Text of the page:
John Schofield (supervisor)
Summary of research project
My collaborative research, at the crossroads between conservation, archaeology and policy-making, will address marine plastic pollution in Galápagos from an archaeological perspective and develop a methodology to include citizen scientists in this research. As plastic characterises most of the material evidence of the anthropocene, contemporary archaeology brings a unique perspective to its study through object narratives and biographies. By investigating the plastic-scape of the Galápagos, archaeology contributes to the understanding of marine plastic pollution at a local scale. Inclusion of citizen scientists in the Plastic Pollution Free Galápagos project will also lead the way for policy-making inspiring other islands to become plastic-free.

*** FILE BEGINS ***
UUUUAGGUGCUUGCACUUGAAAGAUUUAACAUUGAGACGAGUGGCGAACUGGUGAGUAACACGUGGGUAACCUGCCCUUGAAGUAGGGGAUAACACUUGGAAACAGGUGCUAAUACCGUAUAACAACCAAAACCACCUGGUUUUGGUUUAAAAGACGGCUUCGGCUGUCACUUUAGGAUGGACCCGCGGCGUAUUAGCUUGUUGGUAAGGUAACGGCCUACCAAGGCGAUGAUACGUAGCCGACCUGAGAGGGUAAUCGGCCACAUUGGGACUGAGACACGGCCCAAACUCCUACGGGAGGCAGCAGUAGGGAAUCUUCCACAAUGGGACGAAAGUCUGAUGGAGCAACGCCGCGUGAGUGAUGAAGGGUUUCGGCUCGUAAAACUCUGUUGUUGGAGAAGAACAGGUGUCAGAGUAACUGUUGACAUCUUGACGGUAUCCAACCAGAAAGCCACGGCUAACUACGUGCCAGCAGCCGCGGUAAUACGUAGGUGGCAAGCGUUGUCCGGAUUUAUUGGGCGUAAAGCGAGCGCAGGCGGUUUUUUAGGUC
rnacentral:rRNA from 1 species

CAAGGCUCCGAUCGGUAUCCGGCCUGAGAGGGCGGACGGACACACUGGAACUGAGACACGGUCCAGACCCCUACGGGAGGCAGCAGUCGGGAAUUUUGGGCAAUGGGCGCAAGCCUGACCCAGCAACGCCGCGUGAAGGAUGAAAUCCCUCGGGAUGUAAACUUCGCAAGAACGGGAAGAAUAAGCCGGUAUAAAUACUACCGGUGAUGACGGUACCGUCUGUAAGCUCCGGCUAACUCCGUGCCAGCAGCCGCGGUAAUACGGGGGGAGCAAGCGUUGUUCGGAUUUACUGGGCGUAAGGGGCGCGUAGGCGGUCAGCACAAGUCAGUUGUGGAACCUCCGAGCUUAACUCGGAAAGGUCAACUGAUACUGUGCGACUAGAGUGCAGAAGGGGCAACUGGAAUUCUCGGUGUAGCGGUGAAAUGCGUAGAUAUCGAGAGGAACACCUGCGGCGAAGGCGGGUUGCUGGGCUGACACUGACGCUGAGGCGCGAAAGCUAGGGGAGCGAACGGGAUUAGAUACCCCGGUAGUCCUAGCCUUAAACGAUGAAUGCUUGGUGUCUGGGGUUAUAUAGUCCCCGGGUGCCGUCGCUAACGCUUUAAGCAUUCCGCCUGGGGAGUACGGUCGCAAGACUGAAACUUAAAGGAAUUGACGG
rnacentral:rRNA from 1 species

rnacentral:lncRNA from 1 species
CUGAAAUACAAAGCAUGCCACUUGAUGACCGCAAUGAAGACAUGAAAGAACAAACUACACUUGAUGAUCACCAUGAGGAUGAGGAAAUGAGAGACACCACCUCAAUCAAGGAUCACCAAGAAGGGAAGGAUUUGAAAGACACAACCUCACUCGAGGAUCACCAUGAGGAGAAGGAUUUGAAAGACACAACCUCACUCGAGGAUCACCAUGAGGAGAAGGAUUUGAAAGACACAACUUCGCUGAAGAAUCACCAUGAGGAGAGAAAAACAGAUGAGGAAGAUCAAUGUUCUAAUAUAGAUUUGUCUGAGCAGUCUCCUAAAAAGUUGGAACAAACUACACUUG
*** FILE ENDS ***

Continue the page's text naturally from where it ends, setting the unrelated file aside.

Plastic Pollution Free Galápagos is an international alliance of experts working to combat the threat plastic pollution poses to the unique biodiversity of Galápagos, Ecuador. Partners involved in Plastic Pollution Free Galapagos include Galápagos Conservation Trust, the Galapagos National Park Directorate, the Galapagos Science Center, Conservation International Ecuador, Charles Darwin Foundation, Utrecht University, University of Exeter, University of York, University of the Sunshine Coast and OrcaTec.